I’ve always loved the sour taste of my mum’s pickled cucumber, my Auntie May’s pickled onions (which packed one hell of a punch) and her mouth-puckering piccalilli. I’m hard pressed to find one which is such a vivid yellow or quite so tongue-tingling! While I grew up with these traditional British flavours, these days my palette has migrated its sour-taste loyalties to Korean kimchi, Chinese kombucha and creamy kefir, which originated in the Caucasus mountains. Earlier this year, I visited Ireland’s famous Ballymaloe Cookery School with Nourish chef, Andreas. One of the highlights of our trip was being shown around the fermentation room, which was packed with jars of fermenting vegetables and plants, from wild garlic to all sorts of cabbages, which were incredible to sample.
Fortunately, fermented foods like these are now widely available in supermarkets and delis, or you can make your own – see our recipes for Nourish Kimchi and Sauerkraut. It’s not just their flavour that has made them increasingly fashionable; it’s their ability to improve our gut health now and potentially prevent disease in the future. Fermented foods are rich in antioxidants and nutrients. Additionally, hugely exciting research suggests that by helping to balance and increase the ‘friendly’ bacteria in our gut, fermented foods can increase the diversity of our microbiome (the bacteria and other microbes that live in our body and outnumber our own cells 10 to one). The microbiome helps us to digest our food, protect against disease-causing bacteria, produce vitamins essential for our body to function and regulate our immune system. Imbalances in the microbiome have been linked to conditions including diabetes, heart disease, cancer, rheumatoid arthritis, Crohn’s disease, obesity and depression. So, a side of sauerkraut with roast lamb, a spoon of kimchi with avocado on sourdough toast, or a small glass of kefir a few days a week, can be a great addition to your diet.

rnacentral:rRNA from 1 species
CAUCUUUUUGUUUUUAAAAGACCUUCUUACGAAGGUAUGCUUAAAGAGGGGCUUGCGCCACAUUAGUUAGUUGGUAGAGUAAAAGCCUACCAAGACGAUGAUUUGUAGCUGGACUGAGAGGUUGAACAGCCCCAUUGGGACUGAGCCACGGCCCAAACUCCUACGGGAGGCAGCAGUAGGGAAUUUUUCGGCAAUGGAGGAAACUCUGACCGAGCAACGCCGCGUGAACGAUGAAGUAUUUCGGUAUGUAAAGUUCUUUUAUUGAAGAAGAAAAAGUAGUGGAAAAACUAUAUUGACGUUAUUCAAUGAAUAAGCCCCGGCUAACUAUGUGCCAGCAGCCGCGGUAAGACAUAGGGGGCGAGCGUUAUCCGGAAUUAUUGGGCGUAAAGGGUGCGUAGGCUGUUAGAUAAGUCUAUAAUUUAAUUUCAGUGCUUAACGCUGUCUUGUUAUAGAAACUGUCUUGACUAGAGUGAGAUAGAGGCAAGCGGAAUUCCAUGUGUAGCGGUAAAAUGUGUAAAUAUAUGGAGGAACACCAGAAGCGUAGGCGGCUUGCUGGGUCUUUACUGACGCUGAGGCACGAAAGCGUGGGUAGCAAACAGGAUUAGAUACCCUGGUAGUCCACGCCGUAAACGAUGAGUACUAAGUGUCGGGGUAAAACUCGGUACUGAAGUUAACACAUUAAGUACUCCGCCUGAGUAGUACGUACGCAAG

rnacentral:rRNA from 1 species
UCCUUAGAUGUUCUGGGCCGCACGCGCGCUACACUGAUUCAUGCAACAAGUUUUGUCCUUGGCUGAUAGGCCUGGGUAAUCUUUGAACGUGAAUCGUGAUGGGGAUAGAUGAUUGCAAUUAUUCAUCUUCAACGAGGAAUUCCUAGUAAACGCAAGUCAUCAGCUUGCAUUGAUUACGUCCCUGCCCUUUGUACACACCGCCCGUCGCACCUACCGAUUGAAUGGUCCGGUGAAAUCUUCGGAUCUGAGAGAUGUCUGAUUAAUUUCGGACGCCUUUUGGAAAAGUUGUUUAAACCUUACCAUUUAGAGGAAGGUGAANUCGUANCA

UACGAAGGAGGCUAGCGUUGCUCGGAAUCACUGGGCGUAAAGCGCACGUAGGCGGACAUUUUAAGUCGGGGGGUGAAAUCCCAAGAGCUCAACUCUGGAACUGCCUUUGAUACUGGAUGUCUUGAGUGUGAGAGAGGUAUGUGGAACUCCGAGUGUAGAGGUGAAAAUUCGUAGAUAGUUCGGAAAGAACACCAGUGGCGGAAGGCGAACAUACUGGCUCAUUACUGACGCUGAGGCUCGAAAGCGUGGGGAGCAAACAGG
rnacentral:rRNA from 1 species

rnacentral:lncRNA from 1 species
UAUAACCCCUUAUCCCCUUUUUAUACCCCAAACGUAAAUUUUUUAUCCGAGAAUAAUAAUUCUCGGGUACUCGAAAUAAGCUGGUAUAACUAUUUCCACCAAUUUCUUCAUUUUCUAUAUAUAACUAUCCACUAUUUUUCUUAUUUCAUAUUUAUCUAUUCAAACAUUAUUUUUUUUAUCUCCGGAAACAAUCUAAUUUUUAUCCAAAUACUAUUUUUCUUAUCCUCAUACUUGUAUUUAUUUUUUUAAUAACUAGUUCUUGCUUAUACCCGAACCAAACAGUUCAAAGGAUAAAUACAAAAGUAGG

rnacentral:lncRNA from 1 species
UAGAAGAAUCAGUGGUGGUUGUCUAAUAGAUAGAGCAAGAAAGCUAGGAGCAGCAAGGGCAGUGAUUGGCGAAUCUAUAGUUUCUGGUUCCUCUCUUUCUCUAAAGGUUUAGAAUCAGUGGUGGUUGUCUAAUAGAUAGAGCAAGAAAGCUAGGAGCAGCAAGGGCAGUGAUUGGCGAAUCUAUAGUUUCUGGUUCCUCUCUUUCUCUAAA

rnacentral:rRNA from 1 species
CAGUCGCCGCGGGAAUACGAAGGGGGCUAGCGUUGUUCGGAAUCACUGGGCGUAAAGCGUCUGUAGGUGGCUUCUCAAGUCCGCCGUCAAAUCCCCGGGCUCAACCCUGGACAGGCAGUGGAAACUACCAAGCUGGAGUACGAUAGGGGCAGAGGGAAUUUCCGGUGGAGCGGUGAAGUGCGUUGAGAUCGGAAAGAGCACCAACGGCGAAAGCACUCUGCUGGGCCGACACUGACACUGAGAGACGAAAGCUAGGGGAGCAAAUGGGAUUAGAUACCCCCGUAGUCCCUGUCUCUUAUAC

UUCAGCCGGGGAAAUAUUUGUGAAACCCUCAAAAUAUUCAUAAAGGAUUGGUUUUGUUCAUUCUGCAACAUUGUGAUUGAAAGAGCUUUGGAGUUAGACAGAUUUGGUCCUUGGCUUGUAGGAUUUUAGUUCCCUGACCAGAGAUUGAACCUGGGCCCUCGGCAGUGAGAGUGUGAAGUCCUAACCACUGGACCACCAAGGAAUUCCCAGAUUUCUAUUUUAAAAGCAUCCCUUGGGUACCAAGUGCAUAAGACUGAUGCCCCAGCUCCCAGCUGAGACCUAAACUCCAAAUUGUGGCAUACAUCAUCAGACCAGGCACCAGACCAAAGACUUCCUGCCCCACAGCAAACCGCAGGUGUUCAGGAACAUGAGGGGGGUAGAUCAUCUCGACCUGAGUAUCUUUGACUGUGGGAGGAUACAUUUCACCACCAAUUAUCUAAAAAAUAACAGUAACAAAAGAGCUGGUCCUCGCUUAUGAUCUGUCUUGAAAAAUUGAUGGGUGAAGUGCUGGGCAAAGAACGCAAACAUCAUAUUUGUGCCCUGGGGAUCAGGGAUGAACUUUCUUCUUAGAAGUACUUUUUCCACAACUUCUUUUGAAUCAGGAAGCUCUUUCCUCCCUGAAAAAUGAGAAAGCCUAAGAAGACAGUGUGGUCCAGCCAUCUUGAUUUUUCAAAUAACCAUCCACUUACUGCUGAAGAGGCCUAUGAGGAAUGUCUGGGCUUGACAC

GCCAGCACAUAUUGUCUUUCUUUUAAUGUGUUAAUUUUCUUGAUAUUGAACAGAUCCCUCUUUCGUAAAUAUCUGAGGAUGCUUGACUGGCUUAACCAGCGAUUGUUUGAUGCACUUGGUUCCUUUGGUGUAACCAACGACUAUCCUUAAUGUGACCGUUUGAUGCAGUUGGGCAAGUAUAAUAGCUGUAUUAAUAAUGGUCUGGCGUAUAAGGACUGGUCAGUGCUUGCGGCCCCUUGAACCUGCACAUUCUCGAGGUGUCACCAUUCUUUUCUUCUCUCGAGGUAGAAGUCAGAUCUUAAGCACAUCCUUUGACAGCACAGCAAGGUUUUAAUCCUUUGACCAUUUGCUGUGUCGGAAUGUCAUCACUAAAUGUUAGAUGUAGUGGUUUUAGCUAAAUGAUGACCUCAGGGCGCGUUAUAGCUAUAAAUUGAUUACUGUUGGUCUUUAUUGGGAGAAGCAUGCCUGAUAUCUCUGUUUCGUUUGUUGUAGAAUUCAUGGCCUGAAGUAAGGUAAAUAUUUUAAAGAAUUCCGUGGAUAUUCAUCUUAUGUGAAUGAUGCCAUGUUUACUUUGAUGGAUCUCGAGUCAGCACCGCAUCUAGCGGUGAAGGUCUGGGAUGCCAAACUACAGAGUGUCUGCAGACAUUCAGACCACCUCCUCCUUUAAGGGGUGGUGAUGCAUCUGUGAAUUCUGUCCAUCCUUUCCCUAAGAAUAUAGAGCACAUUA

If you haven’t eaten many fermented foods before, beware of overdoing it. As they affect the bacteria in the gut, you may find they cause gurgling and even cramping at first, so it can be wise to introduce them gradually. The high-fibre content of fermented vegetables, such as cabbage and cauliflower, can also trigger bloating. If you’re undergoing treatment that makes your gut feel sensitive or sore, you may need to wait until your recovery to tolerate and enjoy these fermented flavours. And if your immune system is compromised in any way – for example, if you have a low neutrophil count due to chemotherapy – then you’ll need to avoid fermented foods as they contain live bacteria that may cause you problems.
Otherwise, enjoy that sour, tangy, tongue-tickling flavour! Your taste buds – and your gut – will thank you.
A sauerkraut 'shelfie' in the fermentation room at Ballymaloe Cookery School